08/21/10 Sunday letters: Teachers get blamed, again

08/21/10 [Last modified: Saturday, August 21, 2010 5:33am]

    

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Letters to the Editor

Sunday letters: Teachers get blamed, again

Fire most teachers — really? | Aug. 15, Perspective story

Teachers are being blamed, again

Recently the Times reprinted an opinion piece from Slate that suggested that perhaps 80 percent of teachers needed to be fired to improve education. It is, of course, complete rubbish. Even not knowing the details of the "study," it's clear that they started with a conclusion, "teachers are the problem," and then worked their way backward. Assuming teachers are the problem (after all they have a union) is the focus of educational analysis these days, particularly among conservatives.

What is astonishing is you can conduct a study, and come up with an absurd number like 80 percent, and not immediately question your assumptions! Ironically, it seems that the people doing educational analysis are themselves failing spectacularly.

Are there teachers who do a bad job? Sure. Every profession has its bell curve of competence. But be assured, it's a bell curve and not a cliff. It doesn't really matter what profession you study, be it teachers, electricians or doctors, you will find the same normal distribution of competence. Setting and adhering to professional certification standards (including firing those teachers who can't meet the standards) will move the entire bell curve, but teachers already have tough professional certification standards and contrary to popular belief, many bad teachers are shown the door.

What if the assumptions are completely wrong? What if the teaching profession is just as dedicated and hard-working as it was 50 years ago? What if the problem lies outside of the schools, deeper in the fabric of society? What if parents are failing?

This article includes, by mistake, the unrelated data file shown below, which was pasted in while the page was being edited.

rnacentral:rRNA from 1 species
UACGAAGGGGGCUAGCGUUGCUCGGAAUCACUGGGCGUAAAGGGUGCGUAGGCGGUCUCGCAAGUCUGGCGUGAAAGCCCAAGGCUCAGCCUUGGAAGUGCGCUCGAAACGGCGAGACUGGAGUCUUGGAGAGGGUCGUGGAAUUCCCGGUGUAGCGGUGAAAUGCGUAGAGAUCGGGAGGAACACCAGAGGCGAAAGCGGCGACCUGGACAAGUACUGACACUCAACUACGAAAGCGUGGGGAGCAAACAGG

I have noticed something about the fundamental schools in Pinellas County. They almost always do very well on standardized tests regardless of where they are located, who teaches in them or what color the rooms are painted. Perhaps the reason is simple: By their very nature, the fundamental schools attract the most involved and committed parents.

Rickard C. Webster, St. Petersburg

Fire most teachers — really? | Aug. 15, Perspective story

A basic principle

Every time I read an opinion like this one, I have to laugh! The "research" presented by Doug Staiger and Jonah Rockoff is merely an application of Pareto's Law, which basically states that 80 percent of the results are obtained by 20 percent of the actions taken. It is a well known principle in the business world. It can be applied to virtually any field of human endeavor and the results would be approximately the same.

Are we going to fire 80 percent of the police force because only 20 percent of them catch 80 percent of the criminals? I sincerely doubt it. Better yet, why not fire 80 percent of the researchers because they are only contributing 20 percent of the results?

This is merely academic sleight of hand to create controversy and justify research positions whose funding should have gone to someone making a significant contribution. As for the journalist, well, it would appear he has fallen into the 80 percent who are not making a significant contribution, too.

Leo Cain, Clearwater

Fire most teachers — really? and Inside an A school | Aug. 15, Perspective stories

A failing society

Wait a minute! I'm trying to "connect the dots." First, I read the article about firing teachers. Then I read Bill Maxwell's column about an A school.

In citing the reasons for Mount Pleasant Standard Based Middle School's being an A school, Maxwell wrote about the school's not accepting excuses, the dress code, and parental involvement. After 30-plus years of teaching, I heartily agree with Maxwell that these are some of the most important qualities of an A school.